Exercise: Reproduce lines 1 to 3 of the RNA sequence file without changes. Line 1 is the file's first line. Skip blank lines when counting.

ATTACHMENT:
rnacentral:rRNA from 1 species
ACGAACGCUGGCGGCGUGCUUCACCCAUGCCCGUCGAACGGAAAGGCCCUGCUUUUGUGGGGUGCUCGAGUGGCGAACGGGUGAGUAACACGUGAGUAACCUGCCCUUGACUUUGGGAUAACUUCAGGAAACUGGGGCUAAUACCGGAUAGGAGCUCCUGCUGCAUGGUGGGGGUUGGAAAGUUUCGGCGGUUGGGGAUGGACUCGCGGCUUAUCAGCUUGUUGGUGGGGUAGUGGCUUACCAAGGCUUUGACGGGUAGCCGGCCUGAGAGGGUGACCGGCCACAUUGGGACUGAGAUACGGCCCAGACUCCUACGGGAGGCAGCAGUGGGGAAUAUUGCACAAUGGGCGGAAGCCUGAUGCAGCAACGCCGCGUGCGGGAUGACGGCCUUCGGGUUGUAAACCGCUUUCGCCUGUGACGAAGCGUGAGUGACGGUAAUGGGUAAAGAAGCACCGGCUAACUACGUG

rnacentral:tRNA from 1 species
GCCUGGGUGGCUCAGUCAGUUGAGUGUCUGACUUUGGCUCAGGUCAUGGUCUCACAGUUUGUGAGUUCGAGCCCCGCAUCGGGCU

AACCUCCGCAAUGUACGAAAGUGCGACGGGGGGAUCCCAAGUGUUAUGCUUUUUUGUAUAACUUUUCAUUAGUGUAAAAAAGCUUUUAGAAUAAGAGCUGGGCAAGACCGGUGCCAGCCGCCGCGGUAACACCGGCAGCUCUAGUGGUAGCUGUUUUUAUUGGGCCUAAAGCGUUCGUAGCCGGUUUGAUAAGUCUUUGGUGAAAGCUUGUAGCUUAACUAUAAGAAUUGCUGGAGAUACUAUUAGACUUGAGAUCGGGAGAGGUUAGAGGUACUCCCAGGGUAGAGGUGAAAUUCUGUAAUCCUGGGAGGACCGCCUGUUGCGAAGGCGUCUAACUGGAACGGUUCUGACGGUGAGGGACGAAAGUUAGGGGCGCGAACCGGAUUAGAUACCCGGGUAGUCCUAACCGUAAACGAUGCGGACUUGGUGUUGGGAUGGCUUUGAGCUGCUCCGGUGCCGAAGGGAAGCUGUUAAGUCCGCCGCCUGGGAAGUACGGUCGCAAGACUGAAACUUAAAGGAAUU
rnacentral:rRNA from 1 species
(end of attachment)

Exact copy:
rnacentral:rRNA from 1 species
ACGAACGCUGGCGGCGUGCUUCACCCAUGCCCGUCGAACGGAAAGGCCCUGCUUUUGUGGGGUGCUCGAGUGGCGAACGGGUGAGUAACACGUGAGUAACCUGCCCUUGACUUUGGGAUAACUUCAGGAAACUGGGGCUAAUACCGGAUAGGAGCUCCUGCUGCAUGGUGGGGGUUGGAAAGUUUCGGCGGUUGGGGAUGGACUCGCGGCUUAUCAGCUUGUUGGUGGGGUAGUGGCUUACCAAGGCUUUGACGGGUAGCCGGCCUGAGAGGGUGACCGGCCACAUUGGGACUGAGAUACGGCCCAGACUCCUACGGGAGGCAGCAGUGGGGAAUAUUGCACAAUGGGCGGAAGCCUGAUGCAGCAACGCCGCGUGCGGGAUGACGGCCUUCGGGUUGUAAACCGCUUUCGCCUGUGACGAAGCGUGAGUGACGGUAAUGGGUAAAGAAGCACCGGCUAACUACGUG

rnacentral:tRNA from 1 species